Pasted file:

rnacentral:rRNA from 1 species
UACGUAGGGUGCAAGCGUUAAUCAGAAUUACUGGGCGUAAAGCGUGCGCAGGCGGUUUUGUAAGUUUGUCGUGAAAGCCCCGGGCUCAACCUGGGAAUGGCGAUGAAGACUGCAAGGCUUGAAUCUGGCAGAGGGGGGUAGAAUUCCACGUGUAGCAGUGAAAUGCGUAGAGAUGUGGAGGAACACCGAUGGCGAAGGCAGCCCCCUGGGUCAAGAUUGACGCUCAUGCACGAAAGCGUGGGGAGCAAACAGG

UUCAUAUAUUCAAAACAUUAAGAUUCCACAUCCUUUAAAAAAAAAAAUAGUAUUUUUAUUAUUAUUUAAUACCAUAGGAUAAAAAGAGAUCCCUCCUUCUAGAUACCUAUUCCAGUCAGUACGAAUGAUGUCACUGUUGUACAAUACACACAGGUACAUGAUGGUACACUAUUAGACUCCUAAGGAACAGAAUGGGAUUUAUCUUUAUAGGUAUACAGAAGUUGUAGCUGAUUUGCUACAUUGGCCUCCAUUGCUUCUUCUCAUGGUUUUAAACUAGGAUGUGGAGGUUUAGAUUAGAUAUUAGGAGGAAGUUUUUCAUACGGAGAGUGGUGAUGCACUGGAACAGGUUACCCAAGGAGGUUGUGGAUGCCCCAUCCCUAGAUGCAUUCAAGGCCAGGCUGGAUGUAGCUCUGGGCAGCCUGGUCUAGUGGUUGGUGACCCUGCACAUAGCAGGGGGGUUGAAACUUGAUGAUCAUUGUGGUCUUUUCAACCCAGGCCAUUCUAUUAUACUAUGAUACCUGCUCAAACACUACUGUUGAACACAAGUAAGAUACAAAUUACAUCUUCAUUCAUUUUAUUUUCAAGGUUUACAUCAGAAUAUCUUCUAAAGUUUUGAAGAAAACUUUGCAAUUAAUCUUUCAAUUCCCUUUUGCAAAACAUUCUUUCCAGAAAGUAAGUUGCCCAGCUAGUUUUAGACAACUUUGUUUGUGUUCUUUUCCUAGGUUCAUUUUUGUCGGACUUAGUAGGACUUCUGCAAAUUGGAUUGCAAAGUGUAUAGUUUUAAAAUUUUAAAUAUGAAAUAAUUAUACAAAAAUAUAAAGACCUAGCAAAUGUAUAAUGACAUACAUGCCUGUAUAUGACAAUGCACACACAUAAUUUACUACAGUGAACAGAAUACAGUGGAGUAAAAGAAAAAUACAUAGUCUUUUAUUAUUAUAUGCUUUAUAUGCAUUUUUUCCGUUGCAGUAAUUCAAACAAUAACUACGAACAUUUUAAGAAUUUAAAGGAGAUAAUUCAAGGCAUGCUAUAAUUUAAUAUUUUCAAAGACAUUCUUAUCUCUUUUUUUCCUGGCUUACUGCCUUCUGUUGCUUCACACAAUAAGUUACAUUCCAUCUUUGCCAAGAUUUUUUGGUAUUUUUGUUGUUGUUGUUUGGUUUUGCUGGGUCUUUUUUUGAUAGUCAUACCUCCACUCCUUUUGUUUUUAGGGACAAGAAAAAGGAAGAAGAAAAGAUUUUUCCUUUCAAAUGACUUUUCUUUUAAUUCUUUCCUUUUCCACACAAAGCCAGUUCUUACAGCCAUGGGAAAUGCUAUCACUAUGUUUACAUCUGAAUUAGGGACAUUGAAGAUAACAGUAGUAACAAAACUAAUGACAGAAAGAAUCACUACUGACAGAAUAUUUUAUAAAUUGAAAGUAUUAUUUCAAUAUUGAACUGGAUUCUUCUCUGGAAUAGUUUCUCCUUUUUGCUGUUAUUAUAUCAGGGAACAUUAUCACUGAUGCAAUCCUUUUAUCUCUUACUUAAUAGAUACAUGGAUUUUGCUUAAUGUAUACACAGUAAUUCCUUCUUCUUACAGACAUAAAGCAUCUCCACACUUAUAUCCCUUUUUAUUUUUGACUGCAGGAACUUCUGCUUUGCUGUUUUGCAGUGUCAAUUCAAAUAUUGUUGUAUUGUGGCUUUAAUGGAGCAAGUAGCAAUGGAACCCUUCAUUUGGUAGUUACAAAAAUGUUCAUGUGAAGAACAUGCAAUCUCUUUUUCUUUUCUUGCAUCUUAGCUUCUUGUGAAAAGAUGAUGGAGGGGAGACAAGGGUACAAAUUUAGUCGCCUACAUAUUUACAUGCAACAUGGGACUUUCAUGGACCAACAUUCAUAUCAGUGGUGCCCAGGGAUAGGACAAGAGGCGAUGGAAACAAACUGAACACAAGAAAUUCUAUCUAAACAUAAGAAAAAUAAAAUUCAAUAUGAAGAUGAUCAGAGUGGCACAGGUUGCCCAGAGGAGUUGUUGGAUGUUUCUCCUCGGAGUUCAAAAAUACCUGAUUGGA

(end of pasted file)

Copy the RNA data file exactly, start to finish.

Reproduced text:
rnacentral:rRNA from 1 species
UACGUAGGGUGCAAGCGUUAAUCAGAAUUACUGGGCGUAAAGCGUGCGCAGGCGGUUUUGUAAGUUUGUCGUGAAAGCCCCGGGCUCAACCUGGGAAUGGCGAUGAAGACUGCAAGGCUUGAAUCUGGCAGAGGGGGGUAGAAUUCCACGUGUAGCAGUGAAAUGCGUAGAGAUGUGGAGGAACACCGAUGGCGAAGGCAGCCCCCUGGGUCAAGAUUGACGCUCAUGCACGAAAGCGUGGGGAGCAAACAGG

UUCAUAUAUUCAAAACAUUAAGAUUCCACAUCCUUUAAAAAAAAAAAUAGUAUUUUUAUUAUUAUUUAAUACCAUAGGAUAAAAAGAGAUCCCUCCUUCUAGAUACCUAUUCCAGUCAGUACGAAUGAUGUCACUGUUGUACAAUACACACAGGUACAUGAUGGUACACUAUUAGACUCCUAAGGAACAGAAUGGGAUUUAUCUUUAUAGGUAUACAGAAGUUGUAGCUGAUUUGCUACAUUGGCCUCCAUUGCUUCUUCUCAUGGUUUUAAACUAGGAUGUGGAGGUUUAGAUUAGAUAUUAGGAGGAAGUUUUUCAUACGGAGAGUGGUGAUGCACUGGAACAGGUUACCCAAGGAGGUUGUGGAUGCCCCAUCCCUAGAUGCAUUCAAGGCCAGGCUGGAUGUAGCUCUGGGCAGCCUGGUCUAGUGGUUGGUGACCCUGCACAUAGCAGGGGGGUUGAAACUUGAUGAUCAUUGUGGUCUUUUCAACCCAGGCCAUUCUAUUAUACUAUGAUACCUGCUCAAACACUACUGUUGAACACAAGUAAGAUACAAAUUACAUCUUCAUUCAUUUUAUUUUCAAGGUUUACAUCAGAAUAUCUUCUAAAGUUUUGAAGAAAACUUUGCAAUUAAUCUUUCAAUUCCCUUUUGCAAAACAUUCUUUCCAGAAAGUAAGUUGCCCAGCUAGUUUUAGACAACUUUGUUUGUGUUCUUUUCCUAGGUUCAUUUUUGUCGGACUUAGUAGGACUUCUGCAAAUUGGAUUGCAAAGUGUAUAGUUUUAAAAUUUUAAAUAUGAAAUAAUUAUACAAAAAUAUAAAGACCUAGCAAAUGUAUAAUGACAUACAUGCCUGUAUAUGACAAUGCACACACAUAAUUUACUACAGUGAACAGAAUACAGUGGAGUAAAAGAAAAAUACAUAGUCUUUUAUUAUUAUAUGCUUUAUAUGCAUUUUUUCCGUUGCAGUAAUUCAAACAAUAACUACGAACAUUUUAAGAAUUUAAAGGAGAUAAUUCAAGGCAUGCUAUAAUUUAAUAUUUUCAAAGACAUUCUUAUCUCUUUUUUUCCUGGCUUACUGCCUUCUGUUGCUUCACACAAUAAGUUACAUUCCAUCUUUGCCAAGAUUUUUUGGUAUUUUUGUUGUUGUUGUUUGGUUUUGCUGGGUCUUUUUUUGAUAGUCAUACCUCCACUCCUUUUGUUUUUAGGGACAAGAAAAAGGAAGAAGAAAAGAUUUUUCCUUUCAAAUGACUUUUCUUUUAAUUCUUUCCUUUUCCACACAAAGCCAGUUCUUACAGCCAUGGGAAAUGCUAUCACUAUGUUUACAUCUGAAUUAGGGACAUUGAAGAUAACAGUAGUAACAAAACUAAUGACAGAAAGAAUCACUACUGACAGAAUAUUUUAUAAAUUGAAAGUAUUAUUUCAAUAUUGAACUGGAUUCUUCUCUGGAAUAGUUUCUCCUUUUUGCUGUUAUUAUAUCAGGGAACAUUAUCACUGAUGCAAUCCUUUUAUCUCUUACUUAAUAGAUACAUGGAUUUUGCUUAAUGUAUACACAGUAAUUCCUUCUUCUUACAGACAUAAAGCAUCUCCACACUUAUAUCCCUUUUUAUUUUUGACUGCAGGAACUUCUGCUUUGCUGUUUUGCAGUGUCAAUUCAAAUAUUGUUGUAUUGUGGCUUUAAUGGAGCAAGUAGCAAUGGAACCCUUCAUUUGGUAGUUACAAAAAUGUUCAUGUGAAGAACAUGCAAUCUCUUUUUCUUUUCUUGCAUCUUAGCUUCUUGUGAAAAGAUGAUGGAGGGGAGACAAGGGUACAAAUUUAGUCGCCUACAUAUUUACAUGCAACAUGGGACUUUCAUGGACCAACAUUCAUAUCAGUGGUGCCCAGGGAUAGGACAAGAGGCGAUGGAAACAAACUGAACACAAGAAAUUCUAUCUAAACAUAAGAAAAAUAAAAUUCAAUAUGAAGAUGAUCAGAGUGGCACAGGUUGCCCAGAGGAGUUGUUGGAUGUUUCUCCUCGGAGUUCAAAAAUACCUGAUUGGA